Filmmaker Comfort Adeneye explores self-confidence and solidarity through waves, fades, and fresh trims
In a climate punctuated by Morley’s chicken box knife crime campaigns and London Met’s ‘gang matrix’ databases, the stereotypes surrounding young, black boys are rife and reductive. It’s a subject explored by filmmaker Comfort Adeneye, whose short film Top Wavers shines a light on the real lives of these young men in the capital, whose race is often subject to cruel and two-dimensional biases.
Speaking to Dazed, Adeneye explains how the film “depicts the reality of how black British boys, who have grown up in urban communities, are not always interested in crime-gang life.” In it, the boys – of African and Carribean heritage – are shown as living your average teenage life: revision notes are stuck up on the walls, Nike sliders on the floor, tubs of ‘Sportin Waves’ hair gel are about, and – of course – there’s FIFA on the TV. They ruminate over heading to a party in east London, joking and laughing together. At a time when the police are blaming young black brits and their culture for violence and crime, this representation of young black British boys is refreshing and affirming. Telling a story of self-confidence, shared solidarity, and close friendship, it brings us a fly-on-the-wall glimpse of a light-hearted conversation between three friends on the possibilities of a night in its youth and perfecting their wave game.
“Imagine not going to a party because you ain’t got a trim!” one guy jokes, raking on his pal. “Mr. drippy drippy!”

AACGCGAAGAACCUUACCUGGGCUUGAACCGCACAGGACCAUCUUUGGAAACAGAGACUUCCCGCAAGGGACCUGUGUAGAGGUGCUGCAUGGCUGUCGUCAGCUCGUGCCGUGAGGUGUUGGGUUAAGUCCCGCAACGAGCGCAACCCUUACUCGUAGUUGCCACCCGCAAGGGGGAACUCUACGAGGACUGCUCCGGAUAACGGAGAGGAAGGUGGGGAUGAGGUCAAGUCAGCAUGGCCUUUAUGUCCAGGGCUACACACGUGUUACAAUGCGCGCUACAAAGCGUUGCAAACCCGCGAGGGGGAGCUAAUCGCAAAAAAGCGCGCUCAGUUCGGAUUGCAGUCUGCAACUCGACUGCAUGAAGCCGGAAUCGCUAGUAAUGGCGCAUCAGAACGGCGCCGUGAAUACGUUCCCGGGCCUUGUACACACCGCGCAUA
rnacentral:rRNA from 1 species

Adeneye’s short film was commissioned by Dazed as a part of the New Creatives programme run by the BBC, co-funded by Arts Council England and BBC Arts. The programme focuses on giving opportunities to young artists from under-represented backgrounds in the arts and broadcasting.
“Most black boys, when together, have unmatchable banter to lift their spirits,” Adeneye says. “The inspiration behind this film has stemmed from personal problems I’ve had in terms of comparing my appearance to others. This comparison has been through both social media and real life. Early this year I wrote a diary entry to myself, letting out how I am feeling. From this I have been having constant mental battles with myself on who I actually am,” Adeneye adds.
We hear from each of the three boys of the importance their trims and fades have to them. One of the boys is self-conscious and worried about his hairline, another is uninterested and not social media centric, and one is so self-confident he dances between the line of confident and cocky.
Using a compelling blue light akin to that from a television screen, Adeneye says the palette “completes the complexion of the actor’s skin, emphasising how beautiful black skin looks on camera.” Close up shots of the waves are dispersed throughout, and the light lands beautifully, highlighting each intricate part of their hairstyle.
“I’m drippy, you know me already,” says one of the boys. This film is about more than sauce, drip, or waves; it’s an image of real black British boys in their truest form.
See Top Wavers as part of the New Creatives programme on BBC iPlayer here.